Mr. Curry : The hon. Gentleman's introduction was revealing. He asked whether it was not time that we did not look at Labour councils. I say that we should look at all councils where there are allegations of corruption, no matter what political colour they are. We have a common interest in stopping corruption and sorting it out wherever it is found, irrespective of what council it is. We should create a clear distinction between allegations and what is found to be true. When allegations have been proven, we have a common interest in seeking probity in local government, irrespective of what council is involved.
Mrs. Angela Knight : Is my hon. Friend aware that in addition to the allegations of corruption and fraud in Labour-controlled Monklands, Lambeth and Haringey, the ex-deputy leader of Labour-controlled Derbyshire county council is currently serving a prison sentence for defrauding the council by fiddling his expenses ?
Mr. Curry : My understanding is that the gentleman has appealed against his sentence. He is alleged to be conducting council business from his cell in the mean time, and is receiving the allowances that go with those responsibilities. I should have thought that it might be slightly more prudent for those allowances to be held and paid if he is proved not guilty, rather than being paid during the period of his appeal.
Mr. Straw : Is the Minister aware that, on top of the systematic corruption and gerrymandering exposed in Westminster, there is a rising tide of reports of official corruption investigations in one Conservative district council after another, the latest being in South Oxfordshire, Hertsmere and Mid Bedfordshire ? Is not it because the abuse of power by many sections of the Conservative party is so extensive that, in addition to what some Members of Parliament have said, the former Lord Chancellor and ostensible upholder of the rule of law, Lord Hailsham, issued a most disgraceful attack in another place on the
Column 930integrity and independence of the district auditor ? Is not it the case that, in the eyes of some Conservatives, the independence of the judicial process ends where Conservative sleaze and corruption begin ?
Mr. Curry : What the former Lord Chancellor said is perfectly clear. He said that many people were acting as if the auditor's report were proven fact and those people mentioned in it had been condemned in a court of law. He said that was not the case and that the reports contained the preliminary findings, which have to be verified. I see absolutely nothing wrong with that.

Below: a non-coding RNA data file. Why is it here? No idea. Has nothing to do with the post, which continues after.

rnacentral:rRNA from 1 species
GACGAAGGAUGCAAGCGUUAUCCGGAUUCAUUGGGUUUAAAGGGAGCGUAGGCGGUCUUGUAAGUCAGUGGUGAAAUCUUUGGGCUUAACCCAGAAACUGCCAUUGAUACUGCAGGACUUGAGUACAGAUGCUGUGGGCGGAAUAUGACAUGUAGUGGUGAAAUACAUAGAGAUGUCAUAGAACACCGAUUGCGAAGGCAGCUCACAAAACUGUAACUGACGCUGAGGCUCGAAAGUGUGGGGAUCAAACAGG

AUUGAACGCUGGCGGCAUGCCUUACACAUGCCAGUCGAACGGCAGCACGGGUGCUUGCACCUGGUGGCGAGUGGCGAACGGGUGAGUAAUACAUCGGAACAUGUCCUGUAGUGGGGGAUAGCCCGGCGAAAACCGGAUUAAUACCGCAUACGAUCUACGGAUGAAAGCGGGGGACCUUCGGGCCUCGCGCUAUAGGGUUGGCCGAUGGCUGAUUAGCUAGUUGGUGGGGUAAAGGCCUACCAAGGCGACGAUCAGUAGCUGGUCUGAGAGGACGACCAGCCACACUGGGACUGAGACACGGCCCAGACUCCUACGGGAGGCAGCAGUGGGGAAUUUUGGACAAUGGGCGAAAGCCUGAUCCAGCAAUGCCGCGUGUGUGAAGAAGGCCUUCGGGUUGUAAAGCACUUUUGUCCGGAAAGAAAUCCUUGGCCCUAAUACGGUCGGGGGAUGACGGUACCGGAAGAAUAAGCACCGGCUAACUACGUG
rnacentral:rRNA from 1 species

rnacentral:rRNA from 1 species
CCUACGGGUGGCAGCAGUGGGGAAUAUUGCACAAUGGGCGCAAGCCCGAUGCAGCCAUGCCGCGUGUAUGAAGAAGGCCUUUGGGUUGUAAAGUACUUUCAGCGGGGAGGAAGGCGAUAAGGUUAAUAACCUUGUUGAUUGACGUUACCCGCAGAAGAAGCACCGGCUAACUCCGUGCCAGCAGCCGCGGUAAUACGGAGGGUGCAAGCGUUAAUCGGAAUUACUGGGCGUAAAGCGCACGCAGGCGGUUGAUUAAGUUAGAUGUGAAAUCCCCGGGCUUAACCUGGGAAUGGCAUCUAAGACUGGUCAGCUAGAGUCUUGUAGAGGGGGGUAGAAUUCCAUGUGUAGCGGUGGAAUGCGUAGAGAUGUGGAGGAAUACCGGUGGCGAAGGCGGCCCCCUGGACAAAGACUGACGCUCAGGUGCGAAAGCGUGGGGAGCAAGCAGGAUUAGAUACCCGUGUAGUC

If the hon. Gentleman wishes to swap councils across the Dispatch Box, then anyone can play that game. We have a common interest in ensuring that we have a system of local government that people respect and that is conducted on the basis of probity. If the hon. Gentleman wishes simply to drag us into a mud-slinging contest on that subject let him go for it because I am happy to sling with everyone else, but it will not do any good to the electorate, to local government or to those who aspire to public service.
The Minister for Housing, Inner Cities and Construction (Sir George Young) : The early response to the scheme has been encouraging, although it is as yet too early to say how many of the 1.5 million tenants who are eligible will take advantage of it.
Mr. Knapman : I am grateful to my right hon. Friend for his considered reply. Does not the success of the scheme depend on the level of interest shown in it ? Had the Opposition parties been in power, what level of interest would there have been ?
Sir George Young : My hon. Friend rightly points out that the scheme is of interest to 1.5 million local authority tenants who would not have the choice that is now available to them had we listened to Opposition Members. I hope that all hon. Members will bring to the attention of their local authority tenants the potential of the rent-to-mortgage scheme, which will be of interest to the 1.5 million local authority tenants who are paying their rents in full.
Mr. Soley : Does the Minister remember just before the last general election accepting a mortgage-to-rent scheme that I proposed, at least in part ? The then Chancellor of the Exchequer, supported by the Minister, said that the scheme would save thousands of people from being repossessed and going into bed-and-breakfast accommodation. That was therefore a similar sort of scheme. Why did the Government say before the election that they would save thousands of those families, but fail to do anything afterwards ?
Sir George Young : That is a good example of Opposition Back Benchers implying that the Labour party is committed to substantial public expenditure when they know perfectly well that Opposition Front-Bench spokesmen have distanced themselves from any such commitment.
Column 931The last figures were published in January and showed a welcome reduction in the number of repossessions and most forecasters agree that the figures will continue to fall.
Mr. Waterson : Is not the golden thread running through the rent-to- mortgage scheme, the right to buy council homes and leasehold enfranchisement that Conservative Members believe in people having control over their own lives ? Does my right hon. Friend agree that proposition has never been welcomed by Opposition Members ?
Sir George Young : My hon. Friend makes the point in his characteristically clear way. The Conservative party is interested in choice and in giving people the opportunity to make decisions about their lives. Opposition Members want to deny people that choice.
Mr. Simon Hughes : Before the Minister gets too enthralled by the golden thread of rents to mortgages, let me point out that, as he knows, many people who have bought under the right-to-buy scheme, to which the hon. Member for Southampton, Itchen (Mr. Denham) will later allude when he introduces his Assistance for Local Authority Leaseholders Bill, are finding it impossible to sell their homes or pay for the capital or service charges. Can he tell them when he will relieve them of the consequences of buying under the Government's scheme, before he puts other people in a similar position ?